1. What are your top three points? Taking time to consider what are the main points you want to reinforce throughout the presentation, allows for a more structured, and focused presentation. Many presenters adhere to the "rule of three" - focusing on delivering 3 main points, with reinforcement 3 times throughout the presentation.
What are the three main points of your presentation?
2. Recognize the three main parts of the presentation - The start, middle and end. The start of a presentation or "opener" usually takes about 5-10% of the time available. In this section you want to let people know about where you are going - the three main points.
In the body of the presentation we want to expand upon our three main areas. We want to provide a deeper dive into the topic area.
The close of the presentation should include a summary of what you have discussed, and get people thinking about next steps. This should also take approximately 5-10% of your presentation time.
What will your open, body and close look like?
3. Connect people early on to their WIIFM - What's In It For Me? We have limited time, and one time, to make a first impression, but also to connect people to why this topic is important to them. Asking people a question along the lines of "What's your biggest opportunity in this area?" or "What is your biggest stretch as it relates to x right now" can help get people engaged in the conversation. Consider how y ou will get people to connect with their WIIFM in the opening, as well as in the body, and the close of the presentation.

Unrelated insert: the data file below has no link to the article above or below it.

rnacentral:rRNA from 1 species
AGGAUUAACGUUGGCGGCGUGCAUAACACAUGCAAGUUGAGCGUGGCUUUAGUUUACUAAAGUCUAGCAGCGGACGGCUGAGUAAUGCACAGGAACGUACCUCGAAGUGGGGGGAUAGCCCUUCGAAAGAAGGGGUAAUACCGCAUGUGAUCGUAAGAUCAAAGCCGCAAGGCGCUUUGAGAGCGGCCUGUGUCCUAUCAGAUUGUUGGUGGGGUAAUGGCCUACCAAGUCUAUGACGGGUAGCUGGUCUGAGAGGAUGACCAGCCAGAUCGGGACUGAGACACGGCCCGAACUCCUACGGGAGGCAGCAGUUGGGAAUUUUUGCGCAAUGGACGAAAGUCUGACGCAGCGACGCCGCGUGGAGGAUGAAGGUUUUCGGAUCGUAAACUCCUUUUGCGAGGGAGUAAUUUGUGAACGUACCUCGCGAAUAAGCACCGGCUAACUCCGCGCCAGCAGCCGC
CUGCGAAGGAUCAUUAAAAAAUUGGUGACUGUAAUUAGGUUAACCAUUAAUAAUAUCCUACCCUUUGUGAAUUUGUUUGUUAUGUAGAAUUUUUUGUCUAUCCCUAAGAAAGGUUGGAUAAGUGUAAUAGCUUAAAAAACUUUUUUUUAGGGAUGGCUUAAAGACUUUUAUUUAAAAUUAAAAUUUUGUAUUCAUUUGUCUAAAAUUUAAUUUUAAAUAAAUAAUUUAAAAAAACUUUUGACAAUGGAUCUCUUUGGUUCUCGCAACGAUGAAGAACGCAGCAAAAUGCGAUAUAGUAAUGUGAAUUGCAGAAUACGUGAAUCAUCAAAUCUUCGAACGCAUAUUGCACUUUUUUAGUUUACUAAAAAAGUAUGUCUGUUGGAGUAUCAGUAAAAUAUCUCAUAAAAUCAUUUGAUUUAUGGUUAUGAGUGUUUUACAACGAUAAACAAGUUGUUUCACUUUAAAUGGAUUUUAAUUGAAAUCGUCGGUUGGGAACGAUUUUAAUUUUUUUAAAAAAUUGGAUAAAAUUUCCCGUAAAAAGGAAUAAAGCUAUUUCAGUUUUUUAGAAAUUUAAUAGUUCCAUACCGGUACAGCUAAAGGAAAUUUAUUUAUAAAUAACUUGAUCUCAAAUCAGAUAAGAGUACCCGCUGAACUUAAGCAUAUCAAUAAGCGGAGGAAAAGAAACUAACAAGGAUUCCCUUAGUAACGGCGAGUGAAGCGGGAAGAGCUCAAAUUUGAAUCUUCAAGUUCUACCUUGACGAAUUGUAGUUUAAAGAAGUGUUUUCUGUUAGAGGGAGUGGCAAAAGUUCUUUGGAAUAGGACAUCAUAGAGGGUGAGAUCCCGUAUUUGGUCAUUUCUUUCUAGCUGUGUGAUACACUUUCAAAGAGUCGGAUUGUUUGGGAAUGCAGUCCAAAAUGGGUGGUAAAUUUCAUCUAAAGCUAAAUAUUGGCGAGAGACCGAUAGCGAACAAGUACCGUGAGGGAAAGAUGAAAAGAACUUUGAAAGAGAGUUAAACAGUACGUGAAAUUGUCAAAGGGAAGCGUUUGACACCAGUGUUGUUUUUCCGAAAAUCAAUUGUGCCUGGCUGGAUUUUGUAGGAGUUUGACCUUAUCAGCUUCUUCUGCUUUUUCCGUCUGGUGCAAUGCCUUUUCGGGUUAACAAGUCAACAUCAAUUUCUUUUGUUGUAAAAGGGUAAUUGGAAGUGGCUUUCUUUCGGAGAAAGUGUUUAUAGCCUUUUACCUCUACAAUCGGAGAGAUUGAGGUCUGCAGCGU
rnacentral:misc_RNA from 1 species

How will you connect people with their WIIFM?
4. Change the pace - Keeping presentations moving is critical in great presentations. This can involve pace changes as well. Consider how you can switch things up with breakouts, reflection questions, or hands on activities during your presentation. A good rule of thumb is to consider changing pace every 7-10 minutes in a face-to-face presentation, or more frequently in a virtual one.
What approaches will you use to change your pace?
5. Prepare, practice, practice - Taking some time to prepare for important presentations and then practice, practice, practice can help you with your own confidence, as well as ensuring the flow of a conversation. Speak the presentation out loud rather than just reading it. If you can, also get feedback after the event on what worked well, and what adjustments could be made for future presentations of the same type.
What will you do to prepare? To practice before the event? To get feedback and further adjust your skills?
Potentials Realized | Coaching Team Leaders
Team and Leadership Development | Coaching | Retreats.
Follow us on Twitter @Teams365
My newest book - Effective Virtual Conversations - covers dozens of tips and best practices for making virtual presentations and other events even more effective and engaging!